Walk Date – 11th July 2012
Distance – 5 miles
Weather – dry, very warm with sunny spells
‘The sun has got his hat on, hip, hip, hooray, the sun has got his hat on and he’s coming out to play.’ Its a promising bright start as we set off from Watendlath on the path up to Grange Fell.
A look back down the path as we climb higher and get quite a lot warmer.
The steepness eventually eases and we begin to see the surrounding fells, straight ahead we are looking at Dale Head.
Over on our left Great Gable dominates the skyline, with Green Gable just below it, and Grey Knotts over to the right.
We’re heading across the soggy grass towards the stile, once over that it’ll be a fight through the bracken and heather to reach the summit of Grange Fell.
After a closely fought contest the final result was Bracken & Heather Utd 0 – Walkers 1, and our prize was this view of Derwentwater and Bass Lake from the summit of Grange Fell.
A chance to sit down, and cool down, for a few minutes on the summit rocks. Why the gaiters? Because we are about to go over to Great Crag across a very squelchy path.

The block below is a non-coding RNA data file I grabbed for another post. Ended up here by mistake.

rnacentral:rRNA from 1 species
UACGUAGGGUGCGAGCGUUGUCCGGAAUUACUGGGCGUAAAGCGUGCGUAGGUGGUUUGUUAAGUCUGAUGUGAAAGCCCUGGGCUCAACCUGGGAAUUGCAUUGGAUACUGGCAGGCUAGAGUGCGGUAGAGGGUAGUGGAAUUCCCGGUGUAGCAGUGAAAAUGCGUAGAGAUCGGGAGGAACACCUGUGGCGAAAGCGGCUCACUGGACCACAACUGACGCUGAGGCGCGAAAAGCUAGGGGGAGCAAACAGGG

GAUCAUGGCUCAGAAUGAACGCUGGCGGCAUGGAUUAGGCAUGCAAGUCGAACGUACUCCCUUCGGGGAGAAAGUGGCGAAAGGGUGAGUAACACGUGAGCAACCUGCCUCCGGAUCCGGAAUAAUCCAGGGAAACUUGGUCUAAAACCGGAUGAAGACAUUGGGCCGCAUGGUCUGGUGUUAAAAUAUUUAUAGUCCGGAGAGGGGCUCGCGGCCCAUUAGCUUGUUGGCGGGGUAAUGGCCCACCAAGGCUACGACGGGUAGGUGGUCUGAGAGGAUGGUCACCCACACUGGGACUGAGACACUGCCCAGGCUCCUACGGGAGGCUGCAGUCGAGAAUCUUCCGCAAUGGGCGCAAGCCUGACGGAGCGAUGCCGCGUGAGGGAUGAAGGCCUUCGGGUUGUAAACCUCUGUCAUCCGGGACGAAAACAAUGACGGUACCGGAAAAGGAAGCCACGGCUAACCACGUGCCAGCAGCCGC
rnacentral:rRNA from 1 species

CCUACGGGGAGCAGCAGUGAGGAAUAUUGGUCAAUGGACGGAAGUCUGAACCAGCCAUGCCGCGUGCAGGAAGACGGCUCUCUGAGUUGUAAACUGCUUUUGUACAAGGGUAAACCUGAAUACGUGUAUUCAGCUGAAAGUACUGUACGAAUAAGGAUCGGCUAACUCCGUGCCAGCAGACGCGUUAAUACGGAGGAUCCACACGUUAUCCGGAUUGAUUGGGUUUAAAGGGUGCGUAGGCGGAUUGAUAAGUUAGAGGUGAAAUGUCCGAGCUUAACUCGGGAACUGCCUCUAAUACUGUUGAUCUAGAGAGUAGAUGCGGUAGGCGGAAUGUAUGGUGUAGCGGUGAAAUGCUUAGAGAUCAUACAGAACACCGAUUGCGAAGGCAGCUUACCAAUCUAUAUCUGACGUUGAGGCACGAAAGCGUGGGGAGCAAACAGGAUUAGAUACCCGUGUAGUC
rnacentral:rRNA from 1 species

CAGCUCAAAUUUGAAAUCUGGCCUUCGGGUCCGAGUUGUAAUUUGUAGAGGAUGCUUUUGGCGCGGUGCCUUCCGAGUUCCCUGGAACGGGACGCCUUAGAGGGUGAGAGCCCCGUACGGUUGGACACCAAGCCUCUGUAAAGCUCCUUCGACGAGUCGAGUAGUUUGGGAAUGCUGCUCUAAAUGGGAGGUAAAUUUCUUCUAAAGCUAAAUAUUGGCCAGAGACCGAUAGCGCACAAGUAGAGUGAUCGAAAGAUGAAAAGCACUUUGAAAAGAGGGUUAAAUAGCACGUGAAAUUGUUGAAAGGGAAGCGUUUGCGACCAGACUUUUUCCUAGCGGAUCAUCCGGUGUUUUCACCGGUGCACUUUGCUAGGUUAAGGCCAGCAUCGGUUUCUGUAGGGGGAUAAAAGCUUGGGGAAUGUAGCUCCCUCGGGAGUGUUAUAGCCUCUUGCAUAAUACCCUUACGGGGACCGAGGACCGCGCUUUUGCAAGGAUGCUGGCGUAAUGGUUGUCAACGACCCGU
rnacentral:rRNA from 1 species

We return to the stile and the path we left earlier in order to pick up the path which will lead us over to Great Crag, which is over there on the right in the shade.
After walking across the soggy path we eventually joined up with a slightly drier one and continued on up to the summit of Great Crag. From the summit is this view of Watendlath and its tarn. Above, and to the right of the hamlet, is the rocky summit of High Seat.
Also from the summit is this view of the Skiddaw group of fells, behind Ether Knott, one of the high points on Grange Fell.
From Great Crag summit we walk down to Dock Tarn and look for a comfy spot to take a break and just enjoy the day and the scenery for a while.
A view towards Ullscarf across Dock Tarn.
A close up of the knobbly summit area of Grange Fell from Great Crag.
We’re almost back down at Watendlath.
Just before we reached the end of the path we were met by this flock of sheep. They came to an abrupt halt and wouldn’t come any further forward. When he arrived the farmer eventually got them moving again with lots of shouting and yelling.
The old pack horse bridge across the beck at Watendlath.
The second sheep traffic jam of the day, this time on the road down from Watendlath. There was no opportunity to get past so all we could do was drive very slowly behind them and hope that they weren’t going all the way to the end of the road. They did turn off eventually but we were almost back down to Ashness Bridge before they did, so it was a very slow drive back down.